Local News

Ft. Bragg Region Happily Prepares to Be Invaded

Posted January 18, 2007

Map Marker  Find News Near Me
— A surge of new residents is heading to the Fort Bragg area—thousands of them.

The migration is the result of the latest round of changes brought about by the Pentagon’s Base Realignment and Closure program, known as BRAC.

The Army is moving Forces Command and the Reserve Command from Fort McPherson near Atlanta to Fort Bragg. Thursday, community leaders in Fayetteville announced how they are going to brace for the thousands of soldiers and civilian contractors who will be heading their way by 2011.

Mayor Tony Chayonne is happy about having time to do it.

"It's not many communities that have the chance to see growth before it happens. Most of the time, we turn around and say 'what happened?'" Chayonne said.

An estimated 20,000 people are spread across 11 counties surrounding Fort Bragg. The focus is Fayetteville. That's why city, Cumberland County and Fort Bragg leaders are creating a project committee of volunteers to get ready.

"If we don't handle, as a region, this move properly, then maybe it'll go the other way in 10 years—and we don't want that to happen," said Jim Konneker, committee chairman. The committee’s members work in schools, housing, transportation.

Their goal is to showcase what Fayetteville has for big-city transplants.

Fayetteville has a Starbucks. It has, we do have nightlife. And we do have entertainment, such as this regional theater," Konneker said.

Part of the effort is to keep it real, not to exaggerate.

"We're not about to say that we have a cultural community that is competitive with Atlanta," said Deborah Mintz, director of the Cumberland County Arts Council and a committee member. Fayetteville has unique attractions, however.

"We have our own symphony orchestra. We have museums -- the Airborne and Special Ops Museum, which is stellar. You can't find anything like this anywhere," Mintz said.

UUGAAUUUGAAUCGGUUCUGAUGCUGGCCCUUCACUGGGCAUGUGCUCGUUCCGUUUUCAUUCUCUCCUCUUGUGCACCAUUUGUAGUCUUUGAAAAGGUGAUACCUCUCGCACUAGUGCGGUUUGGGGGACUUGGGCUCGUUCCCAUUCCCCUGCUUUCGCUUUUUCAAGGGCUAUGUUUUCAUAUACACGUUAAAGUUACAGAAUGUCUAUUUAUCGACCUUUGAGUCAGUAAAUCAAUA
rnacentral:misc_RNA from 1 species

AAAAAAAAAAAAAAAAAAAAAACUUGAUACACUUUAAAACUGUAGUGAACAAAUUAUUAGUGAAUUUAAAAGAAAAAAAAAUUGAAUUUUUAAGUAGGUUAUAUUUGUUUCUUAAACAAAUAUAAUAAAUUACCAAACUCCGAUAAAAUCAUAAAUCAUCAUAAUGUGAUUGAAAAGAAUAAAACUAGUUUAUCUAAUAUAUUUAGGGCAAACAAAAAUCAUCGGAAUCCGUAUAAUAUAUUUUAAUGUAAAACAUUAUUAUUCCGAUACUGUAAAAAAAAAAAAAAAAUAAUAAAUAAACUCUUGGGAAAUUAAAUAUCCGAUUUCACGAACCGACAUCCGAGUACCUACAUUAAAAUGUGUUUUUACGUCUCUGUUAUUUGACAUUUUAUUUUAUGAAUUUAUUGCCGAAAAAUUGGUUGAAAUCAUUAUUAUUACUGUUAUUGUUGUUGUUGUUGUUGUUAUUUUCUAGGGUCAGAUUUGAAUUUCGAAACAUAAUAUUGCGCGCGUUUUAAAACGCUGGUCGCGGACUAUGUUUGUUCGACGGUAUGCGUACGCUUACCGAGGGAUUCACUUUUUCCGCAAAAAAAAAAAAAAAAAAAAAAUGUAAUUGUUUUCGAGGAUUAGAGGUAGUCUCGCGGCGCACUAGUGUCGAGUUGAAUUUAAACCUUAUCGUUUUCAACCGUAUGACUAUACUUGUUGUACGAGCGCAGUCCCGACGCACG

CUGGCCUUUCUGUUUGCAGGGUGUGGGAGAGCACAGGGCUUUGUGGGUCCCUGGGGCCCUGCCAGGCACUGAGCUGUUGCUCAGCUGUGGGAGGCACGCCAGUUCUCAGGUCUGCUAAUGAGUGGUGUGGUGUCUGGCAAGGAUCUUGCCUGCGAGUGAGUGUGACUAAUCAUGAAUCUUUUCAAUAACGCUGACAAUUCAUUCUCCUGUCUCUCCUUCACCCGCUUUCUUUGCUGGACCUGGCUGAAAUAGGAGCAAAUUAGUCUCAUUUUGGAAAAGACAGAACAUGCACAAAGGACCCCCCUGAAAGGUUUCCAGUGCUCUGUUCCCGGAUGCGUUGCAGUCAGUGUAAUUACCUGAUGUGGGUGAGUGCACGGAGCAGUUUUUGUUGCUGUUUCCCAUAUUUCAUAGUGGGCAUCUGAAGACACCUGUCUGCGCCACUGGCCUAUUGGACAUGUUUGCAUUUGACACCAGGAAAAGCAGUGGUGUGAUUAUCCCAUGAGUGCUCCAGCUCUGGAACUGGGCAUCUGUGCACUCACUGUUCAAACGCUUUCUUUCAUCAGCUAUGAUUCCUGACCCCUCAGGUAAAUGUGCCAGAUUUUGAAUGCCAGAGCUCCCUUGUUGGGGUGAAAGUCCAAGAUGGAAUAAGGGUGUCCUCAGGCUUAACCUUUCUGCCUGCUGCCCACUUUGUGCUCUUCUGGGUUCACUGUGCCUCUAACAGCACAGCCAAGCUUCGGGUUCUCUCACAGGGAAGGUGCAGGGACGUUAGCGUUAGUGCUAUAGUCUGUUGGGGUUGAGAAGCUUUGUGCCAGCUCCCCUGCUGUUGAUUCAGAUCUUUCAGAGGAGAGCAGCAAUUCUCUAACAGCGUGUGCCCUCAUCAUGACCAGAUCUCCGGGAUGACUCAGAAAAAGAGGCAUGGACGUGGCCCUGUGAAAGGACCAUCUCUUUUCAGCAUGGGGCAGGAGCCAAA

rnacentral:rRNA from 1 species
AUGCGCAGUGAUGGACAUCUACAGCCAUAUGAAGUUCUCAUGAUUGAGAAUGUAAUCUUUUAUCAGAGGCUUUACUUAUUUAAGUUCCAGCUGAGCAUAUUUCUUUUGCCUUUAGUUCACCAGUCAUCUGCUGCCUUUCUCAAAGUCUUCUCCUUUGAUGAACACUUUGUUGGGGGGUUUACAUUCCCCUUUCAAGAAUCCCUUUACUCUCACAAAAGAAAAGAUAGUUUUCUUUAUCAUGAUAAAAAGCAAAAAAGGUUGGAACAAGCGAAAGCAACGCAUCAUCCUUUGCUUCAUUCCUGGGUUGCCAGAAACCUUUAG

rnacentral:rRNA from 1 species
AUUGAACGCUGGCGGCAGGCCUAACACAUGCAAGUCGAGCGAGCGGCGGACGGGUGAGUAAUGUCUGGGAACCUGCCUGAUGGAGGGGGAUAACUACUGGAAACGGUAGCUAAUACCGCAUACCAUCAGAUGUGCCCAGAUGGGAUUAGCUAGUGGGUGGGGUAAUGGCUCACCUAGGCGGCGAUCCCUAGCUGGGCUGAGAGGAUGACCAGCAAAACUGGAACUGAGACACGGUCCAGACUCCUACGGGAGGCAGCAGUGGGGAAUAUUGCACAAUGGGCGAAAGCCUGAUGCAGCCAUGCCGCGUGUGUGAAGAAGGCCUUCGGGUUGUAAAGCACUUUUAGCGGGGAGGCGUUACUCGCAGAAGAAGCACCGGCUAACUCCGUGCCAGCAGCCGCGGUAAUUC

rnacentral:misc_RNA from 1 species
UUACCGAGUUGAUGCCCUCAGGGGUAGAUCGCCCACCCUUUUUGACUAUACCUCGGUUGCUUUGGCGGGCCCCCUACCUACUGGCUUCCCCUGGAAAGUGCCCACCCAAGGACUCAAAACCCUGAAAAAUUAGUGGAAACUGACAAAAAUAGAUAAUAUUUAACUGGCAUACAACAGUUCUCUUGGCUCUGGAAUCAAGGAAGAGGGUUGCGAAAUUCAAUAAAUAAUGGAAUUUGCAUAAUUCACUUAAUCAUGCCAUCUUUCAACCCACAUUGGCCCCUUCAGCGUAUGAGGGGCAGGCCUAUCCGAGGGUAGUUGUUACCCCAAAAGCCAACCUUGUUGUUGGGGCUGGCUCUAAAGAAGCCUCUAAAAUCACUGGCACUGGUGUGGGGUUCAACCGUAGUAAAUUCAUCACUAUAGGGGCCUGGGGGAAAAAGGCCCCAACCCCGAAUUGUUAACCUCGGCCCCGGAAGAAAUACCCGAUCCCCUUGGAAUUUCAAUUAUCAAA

The project committee will be in place for at least three years. It will meet regularly with the regional BRAC task force about planning strategies.

The committee will be funded through donations from citizens and businesses.
1 Comment

Please with your WRAL.com account to comment on this story. You also will need a Facebook account to comment.

Oldest First
View all
  • Fence Straddler Jan 19, 2007

    Be mindful of the funding (DONATIONS from citizens and businesses). That statement could have ramifications.
    This is a three year hitch (could be more but at least three). Citizens beware because again this is all about BUSINESS. Be mindful of who stands to gain when donating. More people coming? How is customer service now? Are there good paying jobs? Are your current businesses paying good now? Are your current businesses providing you with top-notch customer service? These questions (and many others) will need answering and I don't think it will take three years to get them.
    Contact local district representatives prior to donating your hard earned money to a newly made committee designed to build business and infrastructure. Your representatives are the people you elected to be your voice and they don't require donations.